Let’s take this a little further. Following the Jamesian take on thinking (of a thing), additional observations can be made. Being connected is site-specific and it is messy. It passes through many intermediaries such as mouses, USB keys, local interfaces, pop-ups, passwords, AirPort lists, reception details, etc. Pure experience is thus axiomatic. It is the starting-point of the investigation, meant to call our attention to the faintest and softest of sensations, but it doesn’t foreclose detailed material description. On the contrary: “On any scale we imagine it, wirelessness is not pure flow or pure sensation of transition. It is shot through with temporary termini, with snags and resistances, with circularities and repetitions.”10 Or as James had it: “(The experience’s) purity is only a relative term, meaning the proportional amount of unverbalized sensation which it still embodies.”11 That’s the idea. Following Radical Empiricism, the book can tackle degree and proportionality. It can involve the solidity of a hacked router as well as faint atmospherical changes. And so it does. Wirelessness shows how the urban environment has become tinged with possible connection, how it bears the prospect of getting news, receiving messages, following-up ongoing matters or discovering new ones. As if some fleeting presence were perceived out of the corner of our eyes, i.e. felt but not verbalized. In one word, wireless networks have changed our bearings.
Getting a feel for the mismatch
Changed bearings matter to the analysis of networks. They explain why each wireless project, when launched, anticipatively produces “a feeling of changed connection”12. For wirelessness does involve more-to-come. Cities do “stream with conjunctions and disjunctions”13. Wi-fi hype does add proportion, direction and intensity to the sensations’ trajectories. To acknowledge the change of bearings is to acknowledge that something is going on. Thus it also allows for better accounts of mismatches and failures. This is shown right from the start, in the first chapters of the book. Wireless city projects are said to be, in many ways, “a bland substitute for the often intense sensory charge of urban environments”14. Homogenizing grids of free but abandoned hotspots stand in stark contrast with the “low-power, popular practices of wireless network access”15, as is suggested for Taipei, Taiwan, where people didn’t embrace a State initiative. Later on in the book, when it takes on market forces and ICT development projects, similar mismatches are detected in African cities. As if popular practice overhauled good intentions. But it’s more complicated than that.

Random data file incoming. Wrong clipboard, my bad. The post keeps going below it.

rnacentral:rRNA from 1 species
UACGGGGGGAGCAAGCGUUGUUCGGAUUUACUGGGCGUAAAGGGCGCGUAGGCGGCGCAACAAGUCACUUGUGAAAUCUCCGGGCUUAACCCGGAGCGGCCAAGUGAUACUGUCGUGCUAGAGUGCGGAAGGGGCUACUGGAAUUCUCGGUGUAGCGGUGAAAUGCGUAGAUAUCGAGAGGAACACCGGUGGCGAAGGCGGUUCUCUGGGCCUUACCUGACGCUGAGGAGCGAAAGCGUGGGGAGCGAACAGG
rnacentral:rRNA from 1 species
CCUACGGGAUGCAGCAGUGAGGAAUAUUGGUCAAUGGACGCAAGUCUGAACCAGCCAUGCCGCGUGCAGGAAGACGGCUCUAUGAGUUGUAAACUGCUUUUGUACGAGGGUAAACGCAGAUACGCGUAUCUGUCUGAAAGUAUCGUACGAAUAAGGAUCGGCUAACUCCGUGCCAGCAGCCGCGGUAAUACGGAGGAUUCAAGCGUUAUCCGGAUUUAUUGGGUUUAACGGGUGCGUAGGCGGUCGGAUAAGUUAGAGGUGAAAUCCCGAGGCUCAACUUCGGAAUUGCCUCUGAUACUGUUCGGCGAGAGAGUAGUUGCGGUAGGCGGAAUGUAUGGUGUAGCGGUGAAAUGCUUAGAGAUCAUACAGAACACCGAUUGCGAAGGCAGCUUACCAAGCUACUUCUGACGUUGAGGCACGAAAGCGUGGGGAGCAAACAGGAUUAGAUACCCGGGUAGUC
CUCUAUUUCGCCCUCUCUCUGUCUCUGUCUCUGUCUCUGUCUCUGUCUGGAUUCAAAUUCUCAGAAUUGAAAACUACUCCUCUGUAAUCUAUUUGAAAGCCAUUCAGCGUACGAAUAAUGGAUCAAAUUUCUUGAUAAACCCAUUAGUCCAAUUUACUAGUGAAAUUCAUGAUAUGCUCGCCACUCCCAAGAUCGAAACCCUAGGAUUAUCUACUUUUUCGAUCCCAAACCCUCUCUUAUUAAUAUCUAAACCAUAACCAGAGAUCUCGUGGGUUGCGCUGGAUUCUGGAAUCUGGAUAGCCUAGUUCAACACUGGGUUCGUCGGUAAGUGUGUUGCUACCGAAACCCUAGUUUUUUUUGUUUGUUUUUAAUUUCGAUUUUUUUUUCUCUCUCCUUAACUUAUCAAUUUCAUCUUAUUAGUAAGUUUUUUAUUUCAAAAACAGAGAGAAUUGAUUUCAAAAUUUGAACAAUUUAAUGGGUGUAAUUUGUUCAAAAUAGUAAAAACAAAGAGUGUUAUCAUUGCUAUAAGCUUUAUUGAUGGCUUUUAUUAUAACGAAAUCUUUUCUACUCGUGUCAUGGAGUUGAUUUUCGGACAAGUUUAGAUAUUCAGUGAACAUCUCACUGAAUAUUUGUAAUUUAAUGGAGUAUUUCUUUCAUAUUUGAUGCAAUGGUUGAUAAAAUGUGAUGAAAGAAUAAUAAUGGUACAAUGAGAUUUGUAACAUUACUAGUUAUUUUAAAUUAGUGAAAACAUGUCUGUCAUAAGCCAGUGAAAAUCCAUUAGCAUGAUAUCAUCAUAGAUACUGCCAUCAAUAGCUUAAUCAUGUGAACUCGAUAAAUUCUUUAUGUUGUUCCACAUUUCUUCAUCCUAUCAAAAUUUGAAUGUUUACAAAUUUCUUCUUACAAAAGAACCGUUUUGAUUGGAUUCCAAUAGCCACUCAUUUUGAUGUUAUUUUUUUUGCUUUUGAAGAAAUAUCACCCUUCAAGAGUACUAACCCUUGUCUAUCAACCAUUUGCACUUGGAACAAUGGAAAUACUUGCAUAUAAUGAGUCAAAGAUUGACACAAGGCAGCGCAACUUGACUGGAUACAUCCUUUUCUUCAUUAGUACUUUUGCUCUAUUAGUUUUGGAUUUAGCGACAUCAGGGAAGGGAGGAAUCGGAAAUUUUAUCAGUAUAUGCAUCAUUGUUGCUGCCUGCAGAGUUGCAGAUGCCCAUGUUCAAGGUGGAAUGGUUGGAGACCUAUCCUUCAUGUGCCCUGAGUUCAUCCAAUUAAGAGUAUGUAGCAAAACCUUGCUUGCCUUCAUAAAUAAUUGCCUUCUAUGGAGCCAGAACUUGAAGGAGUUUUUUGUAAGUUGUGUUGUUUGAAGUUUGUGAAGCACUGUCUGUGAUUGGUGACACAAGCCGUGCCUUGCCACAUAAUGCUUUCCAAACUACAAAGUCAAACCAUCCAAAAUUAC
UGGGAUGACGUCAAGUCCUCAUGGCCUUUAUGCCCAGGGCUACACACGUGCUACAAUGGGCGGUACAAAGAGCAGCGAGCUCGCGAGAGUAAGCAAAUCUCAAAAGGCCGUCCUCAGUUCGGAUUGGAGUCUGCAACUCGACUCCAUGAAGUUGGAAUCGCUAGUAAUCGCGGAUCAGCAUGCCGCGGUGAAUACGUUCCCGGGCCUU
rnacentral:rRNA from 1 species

IT Corporations, geek activists, NGOs and public/private partnerships develop wireless networks in remote, unconnected, parts of the globe. Whether it is in Eastern Europe or South America, Africa or South-East Asia, wireless development projects are explicitly meant to bring growth and empowerment where there’s none. They aim at increasing participation in Global Civil Society, or at overcoming the infrastructural deficiencies of the South, or at fostering grass-root entrepreneurialism, or at expanding neoliberal markets, and so on. These differences should not be downplayed. Development projects might tackle worthwhile issues. Yet Wirelessness shows that there is an overall tendency to validation. Projects serve as test-cases for introducing flexible technology. They testify to the worth and relevance of connectivity. In Radical Empirical terms, they are the edges that validate the ways of the core. Each world – here, the wireless one – expands from next to next and at each step, the unfolding rim updates, validates, the meaning of the core. “A world is its traversed edges.”16 To put it simply: going to Timbuktu amplifies the aura of San Francisco’s networks.